The Crosstour CR900 is an entry-level front and rear dash cam combo with good video quality. For $100, this is arguably one of the best dash cams in this price range. Front video quality is above average and night vision is decent but again, very good for a $100 dash cam. In terms of features, it is fairly basic and lacks some of the options you would see on a higher priced dash cam like WiFi and 60 FPS recording. Aside from that, it does have most of the basic options a dash cam should have like loop recording, a G-Sensor, and a 170 degree wide angle field of view for both cameras.
If you are on a budget or just want a basic dash cam with decent video quality for a second car, the Crosstour Cr900 is one of the best values out there.
- A good budget dash cam
- Decent video quality for the price
- Is GPS capable (module sold separately)
- 1080p HDR front and rear video recording
- Features a Novatek 96663 processor and Sony Exmor IMX 323 CMOS sensor for the front and rear cameras with an F1.8 aperture
- Questionable durability
- Poor customer service
- Can only record at 30 FPS
What’s in The Box?
- One front and rear camera
- Car charger
- USB cable
- Cable for the rear camera
- One adhesive
- User manual
The setup and installation for the Crosstour CR900 is similar to most two channel dash cameras. You will have to run two cables from the front camera, one for the power and a second for the rear camera. Running the cable for the rear can be time consuming depending on the vehicle. For example, you may have to remove several interior panels and possibly lower the headliner. Depending on how comfortable you are working on your own car, you may have to factor in the extra cost of having it professionally installed.
The CR900 includes a standard power cable that plugs into the vehicle’s accessory port. It does not include a direct hardwire kit. More mechanically inclined individuals may opt to cut the plug end off and hardwire it directly to the fuse box.
The CR900 does not include an SD card and that will need to be purchased separately. Currently, 128gb is the maximum size the dash camera will support. That is lower than other dash cams and considering there is a front and rear camera a 64gb card would be the minimum recommended. A 128gb SD card is ideal if you drive for extended period of time. For reference, a 128gb SD card will hold approximately eight hours of video and a 64gb card about half that.
One thing to note are the two ports on the main camera. The one marked power is actually for the rear camera although the micro USB is actually for the power. There are several complaints on Amazon where people have damaged the camera by connecting the cables incorrectly.
The CR900 is an average sized “wedge” dashboard camera weighing 75 grams. The size is mostly due to the built-in screen. This feature makes it easier to navigate through the menus and review video without having to remove the SD card. The menus can be accessed via buttons on the side and you can change things like the resolution, sound, turn features on or off like the GPS or the G-Sensor. The front camera can swivel 45 degrees in all directions for fine tuning the recording angle with a 240 degree range for the rear camera.
For a budget dash camera, the video quality on the CR900 is surprisingly good. Daytime videos are crisp although license plates will generally not be legible unless the vehicle is directly in front or behind you. Low light recording is about average but for the price range is still decent. Also, it should be noted that even though the rear camera is 1080p, the video quality is somewhat lower than the front.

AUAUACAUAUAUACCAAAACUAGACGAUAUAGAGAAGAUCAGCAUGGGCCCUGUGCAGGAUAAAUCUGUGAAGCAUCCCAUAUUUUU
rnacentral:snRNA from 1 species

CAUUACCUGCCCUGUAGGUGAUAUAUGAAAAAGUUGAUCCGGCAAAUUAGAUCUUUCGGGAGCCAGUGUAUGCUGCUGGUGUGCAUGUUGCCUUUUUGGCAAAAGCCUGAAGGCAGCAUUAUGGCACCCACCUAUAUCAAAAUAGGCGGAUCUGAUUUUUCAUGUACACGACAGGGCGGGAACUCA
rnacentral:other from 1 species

One of the negative aspects of the video quality is the 30 FPS recording. This is on the lower end for a dash cam but that is to be expected in this price range. Overall, the video recording on the Crosstour CR900 is quite good when compared to similar priced models.
In terms of night vision, the Crosstour prides itself on its F/1.8 aperture which allows a lot of light to hit its Sony sensor and be able to see more clearly in low light situations.
Things to note
As this is an entry-level, budget dash cam it lacks some of the features that are included in higher priced models. It is GPS capable although the sensor is sold separately. However, there are some complaints regarding the GPS module so it is usually advised to skip it. The Crosstour CR900 does have most of options a dash cam should have like a built in g sensor, loop recording, auto power off, and a screensaver.
Another issue worth mentioning is some users have reported a green bar on the screen which seems to be a firmware related issue. However, to our knowledge there have not been any updates since the camera was released.
And finally, it is disappointing that the CR900 dashboard camera doesn’t come with an easy to use parking mode. It involves manually turning on and off the manual record button and switching the motion detection setting to on. This even happens if you happen to hardwire this device.
Who is the Crosstour CR900 for?
The Crosstour CR900 is a good dashboard camera for anyone on budget. For $100, it is one of the cheapest dual camera setup with above average video quality. It is perfect for a second vehicle where you may not need all of the extra features in a high priced dash cam. It does not have WiFi, app or cloud support. The 30 FPS recording is on the lower end for dash cams but the overall resolution is good. The front camera relies on its sensor and chip to do the heavily lifting for this camera.
If you want decent resolution on budget, the Crosstour CR900 is difficult to beat in this price range. It has all of the basic features you need with a built in LCD screen and 1080p front and rear recording. Don’t expect any miracles but for $100 the Crosstour CR900 will get the job done.